“Common sense is not so common.”
~ Voltaire, French Philosopher
Question: Is this the longest bull market in history?
Answer: That depends on how a bull market is defined. This particular run began on March 9, 2009 and at the time this is being written, financial markets are up for nine and one-half years. The most agreed upon definition of a bull market is a period of time when financial markets are up 20 percent or more, and conversely, a bear market occurs when stock prices drop by the same amount.
The debate begins when talking about the time frame that this takes place. For instance, what if we drop 20 percent in one or two weeks and climb back up? The point-to-point measurement and the duration bring another dimension to the designations. As a refresher, the terms bull and bear refer to how the two animals attack their prey; bulls attack by charging and assault the victim with horns lunging upward, while bears claw at their quarry in a downward fashion.
Depending on how a bull market is defined, the eighteen years between 1982 and 2000 could be classified as a secular bull market that happened to include the short-lived Crash of 1987 and 1998 Asian Financial Crisis. Markets fell more than 20 percent during each event, yet were able to close higher by year-end. So, was 1982-2000 an 18-year bull market or not? Technically, the 1982-2000 secular bull may not have officially met the criteria based on the 20% metric used to define bear markets.
By adding the term secular to the definition of long-term becomes an indefinite and unspecified duration. Micromanaging definitions may seem counterproductive. Bull and bear designations may be semantics, yet labels can be dangerous, powerful and self-fulfilling prophecies when given to short-term trends or anomalies. For instance, Facebook reached an all-time high on July 25, 2018 and then one day later was down 20%. Some media investment professionals mistakenly christened this as the beginning a bear market.
If the current bull market began in March 2009 after the Great Financial Crash (GFC) of 2008, we’re nine and one-half years into this cycle. With September 15th having been the tenth anniversary of Lehman Brothers folding, we’re flooded with media coverage, bad memories and heightened emotions.
To put things into perspective, let’s take a quick look at the 25 years between 1982 and 2008. We experienced regional downturns and two minor recessions. Former Fed Chairmen Alan Greenspan and Ben Bernanke were able to moderate economic activity with monetary policy. At the same time, technological advancements like the internet improved business communication systems and provide employment opportunities. According to the Bureau for Labor Statistics, unemployment in 1982 was 9.7% and fell to 5.8% in 2008. For the same timeframe, homeownership rates grew from 64.8% to 67.8% reaching a high of 69.1% in 2005.
This helped add to increases in property values increased providing many homeowners the opportunity to use their homes as ATMs. The term NINJA (no income, no job, and no assets) described a popular type of loan. The increase in consumer spending was based on nothing more than appraised valuations of homes, not authentic economic growth.
There’s a saying that debt doesn’t matter until it does. Debt became an immense problem when housing prices began to reflect the true value of what someone would pay for the property. Financial institutions had to adjust their books using the decreased valuations for the collateral they held on the loans.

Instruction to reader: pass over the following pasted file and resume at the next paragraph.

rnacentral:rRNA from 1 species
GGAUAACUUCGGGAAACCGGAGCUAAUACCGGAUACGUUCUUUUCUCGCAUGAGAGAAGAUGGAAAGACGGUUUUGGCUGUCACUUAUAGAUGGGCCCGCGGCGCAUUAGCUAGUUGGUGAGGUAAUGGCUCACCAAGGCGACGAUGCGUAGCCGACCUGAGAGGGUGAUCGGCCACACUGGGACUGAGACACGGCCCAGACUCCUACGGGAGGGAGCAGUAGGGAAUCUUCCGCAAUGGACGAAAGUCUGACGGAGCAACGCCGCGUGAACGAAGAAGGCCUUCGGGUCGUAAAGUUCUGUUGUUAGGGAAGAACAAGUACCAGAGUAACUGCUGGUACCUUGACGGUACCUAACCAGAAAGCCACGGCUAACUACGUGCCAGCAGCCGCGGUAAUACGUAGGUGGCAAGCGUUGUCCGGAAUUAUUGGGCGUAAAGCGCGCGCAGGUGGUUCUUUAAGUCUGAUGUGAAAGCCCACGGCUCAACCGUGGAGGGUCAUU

Eventually ledgers must be tallied. During the GFC of 2008, Fortune magazine stated that on March 31, 2008 Bear Stearns’ debt-to-equity ratio was 35-to-1, which is frighteningly high. This easily explains their downfall and fire-sale takeover by JP Morgan. A domino effect began and our financial system was seizing like an engine starved for oil. Individuals and small businesses were particularly hard hit when bank credit froze. This was the beginning of a bear market that changed direction on March 9, 2009. Because of this, the leverage ratios of financial institutions are now closely monitored and regulated by the Federal Reserve, the Office of the Comptroller of the Currency (OCC), and the Federal Deposit Insurance Corporation (FDIC).
The bull market that began March 9, 2009 is still intact. We know the causal factors for the GFC of 2008 and for that matter the Dot-Com bust of 2000. Excess, speculation and hype were obvious and ignored. This contributed to both bubbles rather than real sustainable earnings and wage growth.
Are we still in a bull market although we’ve seen drops of over 20 percent? Currently, there just aren’t enough signs that the secular bull market is ending. That’s why focusing on economic trends, individual companies and specific sectors may be more productive than following the heard. Is this the longest bull market? That depends. Stay focused and plan accordingly.
All investments are subject to risk. The opinions expressed are those of the writer, but not necessarily those of Raymond James and Associates, and subject to change at any time. There is no assurance that any investment strategy will be successful. References to dates and market movement Andrew Adams, CFA, CMT Senior Research Associate Raymond James.
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This article is provided by Darcie Guerin, CFP®, Vice President, Investments & Branch Manager of Raymond James & Associates, Inc. Member New York Stock Exchange/SIPC 606 Bald Eagle Dr. Suite 401, Marco Island, FL 34145. Call or email Darcie at 239-389-1041 or firstname.lastname@example.org with questions or suggestions for future columns. Visit her website: www.raymondjames.com/Darcie.